As far back as I can remember of my school days, getting an F was the end of the world. You were not just low on the totem pole–you were somewhere way down under it.
Of course I knew about As, Bs, Cs and Ds too. And I figured that an F was so bad that whoever came up with the grading system just plum skipped right over a grade of E. I mean, they wanted everyone to know that an F was in a category all by itself.
But in Alabama, thanks to the collective wisdom of our legislature and some of the wacky laws they pass, you can be labeled as “failing” even though your grade is higher than an F. And on the other hand, you can get an F and not be considered failing.
Of course it is ridiculous and makes no sense at all. But consider the source.
In 2013 we passed the Alabama Accountability Act that says each year we have to come up with a “failing” school list made up of the bottom six percent of all schools. This list was released in January and has 75 schools on it. And in 2012 we passed a bill saying that all schools should be given a letter grade of A-F. That list came out a couple of weeks ago.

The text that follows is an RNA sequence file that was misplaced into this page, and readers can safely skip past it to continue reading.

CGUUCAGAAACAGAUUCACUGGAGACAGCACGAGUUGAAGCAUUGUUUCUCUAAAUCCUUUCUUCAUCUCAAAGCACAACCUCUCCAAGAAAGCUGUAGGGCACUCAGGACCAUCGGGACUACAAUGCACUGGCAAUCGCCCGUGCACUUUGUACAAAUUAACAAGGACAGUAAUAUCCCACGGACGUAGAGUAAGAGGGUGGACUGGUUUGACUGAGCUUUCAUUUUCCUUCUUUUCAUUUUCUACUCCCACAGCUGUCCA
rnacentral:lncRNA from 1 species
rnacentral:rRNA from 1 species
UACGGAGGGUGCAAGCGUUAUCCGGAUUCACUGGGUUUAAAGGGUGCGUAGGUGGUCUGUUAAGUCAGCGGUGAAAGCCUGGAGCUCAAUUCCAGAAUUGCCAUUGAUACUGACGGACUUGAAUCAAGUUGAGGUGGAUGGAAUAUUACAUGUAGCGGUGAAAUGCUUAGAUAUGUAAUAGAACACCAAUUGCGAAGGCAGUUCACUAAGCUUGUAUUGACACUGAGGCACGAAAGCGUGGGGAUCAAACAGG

Now my Auburn educated logic tells me that if you are a “failing” school, then you must have an F as a grade.
But not in Alabama. Not according to the 2012 law and the 2013 law.
For instance, Monroe County high school and Linden high school are both on the “failing’ school list. But they both got a C on the A-F report card. Say what? In fact, of the 75 schools on the failing list, less than one-half of them got an F.
Take Montgomery County school system for example. The one in the news so much these days. The one that is under state intervention. The same system that former state superintendent Mike Sentance used as his guinea pig for ideas that don’t work and money ill-spent.
According to the state, Montgomery had 11 failing schools. But according to the A=F list, they had 17 F schools. And nine of the F schools were not on the failing list–while three Montgomery high schools on the failing list did not get an F.
Confused? I don’t blame you. None of this makes any sensel. And people wonder why educators get stressed out these days. Is there a slight chance it is because of nonsense such as this?